|About the Author: My name is Andrea, I’m 24 and I’m a person who stutters. I live in Göteborg, Sweden and I’m currently a student enrolled at Linnéuniversitetet for a class in creative writing. I also work part time at a sports department store. I’ve stuttered since I could talk and spent many years struggling with acceptance. Now I’m involved with the stuttering community in any way that I can to spread the word about stuttering. I blog about my daily life with a stutter on www.andreasays.se and together with a friend run a girls’ support group on Facebook for women who stutter in Sweden. I’ve always loved writing and it was for a long time the only way I felt I could express myself. This paper is something I wrote about my experience at this year’s National Stuttering Association’s conference in Chicago. It’s about facing your fears and letting go.|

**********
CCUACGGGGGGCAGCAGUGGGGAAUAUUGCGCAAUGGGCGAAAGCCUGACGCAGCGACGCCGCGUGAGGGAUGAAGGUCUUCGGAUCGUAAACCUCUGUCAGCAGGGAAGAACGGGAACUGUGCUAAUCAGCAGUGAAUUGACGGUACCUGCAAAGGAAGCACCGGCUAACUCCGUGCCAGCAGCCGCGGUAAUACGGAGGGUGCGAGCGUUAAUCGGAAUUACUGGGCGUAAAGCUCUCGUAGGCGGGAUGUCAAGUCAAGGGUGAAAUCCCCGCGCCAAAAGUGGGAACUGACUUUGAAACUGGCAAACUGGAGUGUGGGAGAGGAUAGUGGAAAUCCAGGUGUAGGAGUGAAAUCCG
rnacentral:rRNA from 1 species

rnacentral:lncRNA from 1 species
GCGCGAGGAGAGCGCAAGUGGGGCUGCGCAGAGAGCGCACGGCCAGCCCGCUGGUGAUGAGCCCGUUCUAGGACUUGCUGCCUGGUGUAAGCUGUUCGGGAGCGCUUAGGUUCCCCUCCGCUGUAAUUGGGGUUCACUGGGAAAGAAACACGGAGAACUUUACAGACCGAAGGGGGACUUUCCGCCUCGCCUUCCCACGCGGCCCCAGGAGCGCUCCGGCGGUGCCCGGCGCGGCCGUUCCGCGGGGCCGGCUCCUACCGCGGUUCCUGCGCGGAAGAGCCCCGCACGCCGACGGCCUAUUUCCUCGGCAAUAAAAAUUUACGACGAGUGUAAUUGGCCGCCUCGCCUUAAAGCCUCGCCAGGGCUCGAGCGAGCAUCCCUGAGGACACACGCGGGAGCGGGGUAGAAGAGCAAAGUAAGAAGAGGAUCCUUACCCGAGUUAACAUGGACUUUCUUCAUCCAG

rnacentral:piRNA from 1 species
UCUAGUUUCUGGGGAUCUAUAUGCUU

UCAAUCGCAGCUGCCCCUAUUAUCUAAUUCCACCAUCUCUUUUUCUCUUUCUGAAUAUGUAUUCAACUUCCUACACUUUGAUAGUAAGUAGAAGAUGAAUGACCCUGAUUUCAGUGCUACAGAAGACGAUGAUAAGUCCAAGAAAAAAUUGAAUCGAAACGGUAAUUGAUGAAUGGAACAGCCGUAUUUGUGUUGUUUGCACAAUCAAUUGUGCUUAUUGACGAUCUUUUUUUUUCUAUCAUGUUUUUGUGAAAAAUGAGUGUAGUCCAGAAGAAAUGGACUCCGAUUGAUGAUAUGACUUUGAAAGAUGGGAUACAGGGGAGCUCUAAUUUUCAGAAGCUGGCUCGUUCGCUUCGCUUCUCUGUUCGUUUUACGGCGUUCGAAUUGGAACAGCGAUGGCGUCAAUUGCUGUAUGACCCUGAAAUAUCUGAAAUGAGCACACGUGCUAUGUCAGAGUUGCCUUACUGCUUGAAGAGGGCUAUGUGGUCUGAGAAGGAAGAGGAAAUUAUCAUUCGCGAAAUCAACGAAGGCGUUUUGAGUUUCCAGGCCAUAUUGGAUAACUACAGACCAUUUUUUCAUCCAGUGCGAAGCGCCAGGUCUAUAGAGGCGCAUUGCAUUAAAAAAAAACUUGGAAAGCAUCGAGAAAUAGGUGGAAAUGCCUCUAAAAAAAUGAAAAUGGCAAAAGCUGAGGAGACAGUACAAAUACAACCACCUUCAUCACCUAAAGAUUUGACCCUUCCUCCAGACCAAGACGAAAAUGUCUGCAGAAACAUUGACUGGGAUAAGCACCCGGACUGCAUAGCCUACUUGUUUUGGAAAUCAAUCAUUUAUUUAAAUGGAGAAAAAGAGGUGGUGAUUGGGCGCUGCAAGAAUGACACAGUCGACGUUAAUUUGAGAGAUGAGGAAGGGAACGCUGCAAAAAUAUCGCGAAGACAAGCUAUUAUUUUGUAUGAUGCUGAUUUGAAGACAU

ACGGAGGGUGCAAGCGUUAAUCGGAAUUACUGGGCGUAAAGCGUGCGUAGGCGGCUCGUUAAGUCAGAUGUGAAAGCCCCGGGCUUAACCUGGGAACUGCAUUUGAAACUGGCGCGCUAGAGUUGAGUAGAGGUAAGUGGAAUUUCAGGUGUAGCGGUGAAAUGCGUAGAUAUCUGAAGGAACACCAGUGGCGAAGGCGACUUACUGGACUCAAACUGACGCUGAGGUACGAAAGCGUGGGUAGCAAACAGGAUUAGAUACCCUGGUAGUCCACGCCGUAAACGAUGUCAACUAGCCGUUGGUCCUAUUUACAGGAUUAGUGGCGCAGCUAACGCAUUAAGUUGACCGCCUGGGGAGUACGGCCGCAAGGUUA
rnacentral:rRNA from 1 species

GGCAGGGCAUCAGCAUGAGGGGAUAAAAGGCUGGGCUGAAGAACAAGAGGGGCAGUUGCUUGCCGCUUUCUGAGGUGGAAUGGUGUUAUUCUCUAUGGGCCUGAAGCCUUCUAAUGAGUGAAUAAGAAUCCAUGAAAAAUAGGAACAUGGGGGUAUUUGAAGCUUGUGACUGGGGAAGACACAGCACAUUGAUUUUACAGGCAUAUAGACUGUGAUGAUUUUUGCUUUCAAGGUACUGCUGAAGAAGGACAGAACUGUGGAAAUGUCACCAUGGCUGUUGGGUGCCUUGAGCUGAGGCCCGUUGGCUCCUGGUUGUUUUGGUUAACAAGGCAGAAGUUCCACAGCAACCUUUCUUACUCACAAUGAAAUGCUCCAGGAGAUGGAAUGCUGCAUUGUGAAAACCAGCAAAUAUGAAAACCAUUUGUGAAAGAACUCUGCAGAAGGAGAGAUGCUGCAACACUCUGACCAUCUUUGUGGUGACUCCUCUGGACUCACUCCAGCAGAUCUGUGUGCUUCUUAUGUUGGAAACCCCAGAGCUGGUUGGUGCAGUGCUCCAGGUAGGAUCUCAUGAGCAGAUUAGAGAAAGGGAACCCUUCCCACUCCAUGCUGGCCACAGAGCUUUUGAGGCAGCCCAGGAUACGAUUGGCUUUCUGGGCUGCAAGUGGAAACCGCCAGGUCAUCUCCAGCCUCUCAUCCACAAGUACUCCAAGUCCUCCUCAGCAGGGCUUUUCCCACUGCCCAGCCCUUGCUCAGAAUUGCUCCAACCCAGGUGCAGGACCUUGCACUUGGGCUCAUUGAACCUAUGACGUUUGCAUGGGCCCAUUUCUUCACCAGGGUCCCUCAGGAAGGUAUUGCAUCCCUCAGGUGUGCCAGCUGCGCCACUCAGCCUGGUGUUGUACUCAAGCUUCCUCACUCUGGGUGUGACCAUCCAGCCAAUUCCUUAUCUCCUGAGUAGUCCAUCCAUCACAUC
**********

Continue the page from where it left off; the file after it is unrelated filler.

You’re nine. Your bare knees rub against the cool linoleum floor in the classroom that is now a stage for the day. You wait patiently and fiddle with the sleeve of your shirt while a girl a few grades above you lives out the role as Cinderella; spinning around as if she’s showing off the layered, pink dress for you. It’s this year’s theme week, a week where every student gets the chance to try something new. You had hesitantly signed up for drama a few weeks earlier. You let out a giggle in the role as one of the mice, thinking it’s almost your turn.
The sun sneaks out from behind the clouds and casts a dancing shimmer along the wall opposite the windows lining up on one side of the classroom. The clock on the wall above the white board tells you the school day is just about to end. On the board, which isn’t as white anymore because of all the black lines written with a permanent marker, has this week’s schedule on it. The class only have a week to put the play together, time is short, and the air is filled with middle schoolers’ giggles.